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Tourism players worry about VAT on services
June 13, 2016
Tanzania Association of Tour Operators (TATO) Executive Secretary, Sirili Akko, said in a statement that the VAT plans for tourism industry would be counterproductive and will hamper growth of the sector which contributes to more than 17 per cent of the total economic output. “… the Tanzania Association of Tour Operators (TATO) wishes to express serious concerns on the cross cutting negative consequences of the tax measures on the tourism industry which currently contributes more than 17 per cent of the Gross Domestic Product (GDP),” he said in the statement.
He said TATO, among leading tourism players, was worried they will lose their business to Kenya and other tourist destinations where VAT in tourism is zero-rated as VAT on the tourism services would make Tanzania a more expensive tourist destination.
“Charging VAT on tourist services will make them expensive and place the Tanzanian tourism industry in a disadvantaged position due to regional and international parities.
“This works against the government goal of increasing tourist numbers to 2 million in 2017. It is also worth to note that so far Tanzania is still below the target in 2016 in comparison with the 2013/4 tourists numbers.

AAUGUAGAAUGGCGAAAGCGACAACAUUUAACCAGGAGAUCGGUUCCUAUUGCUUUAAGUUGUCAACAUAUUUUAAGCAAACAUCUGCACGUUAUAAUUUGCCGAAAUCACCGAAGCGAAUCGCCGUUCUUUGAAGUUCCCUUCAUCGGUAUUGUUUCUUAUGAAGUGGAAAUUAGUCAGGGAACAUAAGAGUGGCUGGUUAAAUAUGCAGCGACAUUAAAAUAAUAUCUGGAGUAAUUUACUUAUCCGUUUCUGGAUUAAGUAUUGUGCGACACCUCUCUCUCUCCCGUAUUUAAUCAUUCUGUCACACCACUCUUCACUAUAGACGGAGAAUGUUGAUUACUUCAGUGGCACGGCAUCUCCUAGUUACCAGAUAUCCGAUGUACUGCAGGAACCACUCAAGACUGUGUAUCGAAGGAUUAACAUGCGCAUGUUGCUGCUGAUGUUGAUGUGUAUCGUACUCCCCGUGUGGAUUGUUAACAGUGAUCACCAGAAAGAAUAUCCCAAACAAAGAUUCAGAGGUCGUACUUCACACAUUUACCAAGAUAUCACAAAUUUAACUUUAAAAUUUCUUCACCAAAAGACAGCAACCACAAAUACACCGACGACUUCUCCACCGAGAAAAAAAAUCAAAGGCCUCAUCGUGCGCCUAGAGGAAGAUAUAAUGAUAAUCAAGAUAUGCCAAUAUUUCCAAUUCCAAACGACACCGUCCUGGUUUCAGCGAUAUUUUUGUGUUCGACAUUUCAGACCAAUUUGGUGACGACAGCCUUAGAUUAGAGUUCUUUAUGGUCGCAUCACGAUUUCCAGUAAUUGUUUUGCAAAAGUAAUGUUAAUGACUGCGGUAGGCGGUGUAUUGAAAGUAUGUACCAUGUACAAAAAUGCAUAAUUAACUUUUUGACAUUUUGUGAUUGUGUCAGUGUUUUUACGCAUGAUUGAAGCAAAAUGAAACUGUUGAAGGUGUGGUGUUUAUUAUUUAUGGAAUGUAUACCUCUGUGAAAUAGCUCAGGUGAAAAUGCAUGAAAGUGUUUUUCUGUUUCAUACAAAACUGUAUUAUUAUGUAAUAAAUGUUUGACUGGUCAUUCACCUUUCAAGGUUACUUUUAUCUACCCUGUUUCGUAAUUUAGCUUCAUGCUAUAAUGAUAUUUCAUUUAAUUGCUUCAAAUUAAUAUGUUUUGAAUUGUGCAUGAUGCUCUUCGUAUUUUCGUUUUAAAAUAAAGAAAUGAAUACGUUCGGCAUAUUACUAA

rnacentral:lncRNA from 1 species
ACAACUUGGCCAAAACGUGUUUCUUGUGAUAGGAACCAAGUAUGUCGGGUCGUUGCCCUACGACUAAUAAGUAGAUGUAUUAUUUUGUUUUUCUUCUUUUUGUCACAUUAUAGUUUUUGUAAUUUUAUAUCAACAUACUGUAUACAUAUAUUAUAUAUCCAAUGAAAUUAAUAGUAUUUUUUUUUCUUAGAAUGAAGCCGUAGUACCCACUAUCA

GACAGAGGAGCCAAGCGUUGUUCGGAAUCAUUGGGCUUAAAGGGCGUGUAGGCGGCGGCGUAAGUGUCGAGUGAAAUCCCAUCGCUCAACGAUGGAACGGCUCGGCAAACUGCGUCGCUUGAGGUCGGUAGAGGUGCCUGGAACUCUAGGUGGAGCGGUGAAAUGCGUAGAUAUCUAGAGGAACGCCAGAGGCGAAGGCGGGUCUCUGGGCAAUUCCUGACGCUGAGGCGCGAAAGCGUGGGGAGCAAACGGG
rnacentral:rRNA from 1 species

According to him, Kenya had imposed VAT on tourism services in 2015 but rescinded the move after learning it was counterproductive. Since then the neighbouring country seems to be regaining their competitiveness in the sector.
“Kenya learned a hard lesson in 2015 when it imposed VAT on tourist services, thanks to a quick rebound which seeks to restore their competitiveness and glory in the tourism sector,” he said adding: “Tanzania should avoid the same mistake, otherwise our neighbours will capitalize and have a free ride on our mistakes.”
Unveiling the 2016/2017 government budget proposals in Parliament in Dodoma on Wednesday, the Finance and Planning Minister, Dr Phillip Mpango, said the government would impose VAT on tourism services, including supplies of tourist guides, game driving, water safaris, animal or bird watching, park fees and ground transport services in the coming fiscal year.
The TATO Executive Officer said the organisation was urging the government to reconsider the plan for VAT on tourism services as that would risk the reputation of Tanzania as a reliable safari destination and cautioned that it would have long-term negative consequences which will not be easy to correct.
“The nature of tourism business does not allow risking the trust gained at the high cost of time and resources. It will be very difficult to rebuild the reputation as reliable safari destination after a year of trial if we allow this current move.”
“We, wish to further explain that the impact will go down to the social cohesion as it will affect employment and entire value chain particularly from ordinary people’s point view.
Tourism is the leading sector in generating foreign exchange for Tanzania. Available statistics indicate that it attracted an income of 2.04 billion US dollars last year, up from 1.9 billion dollars in 2014.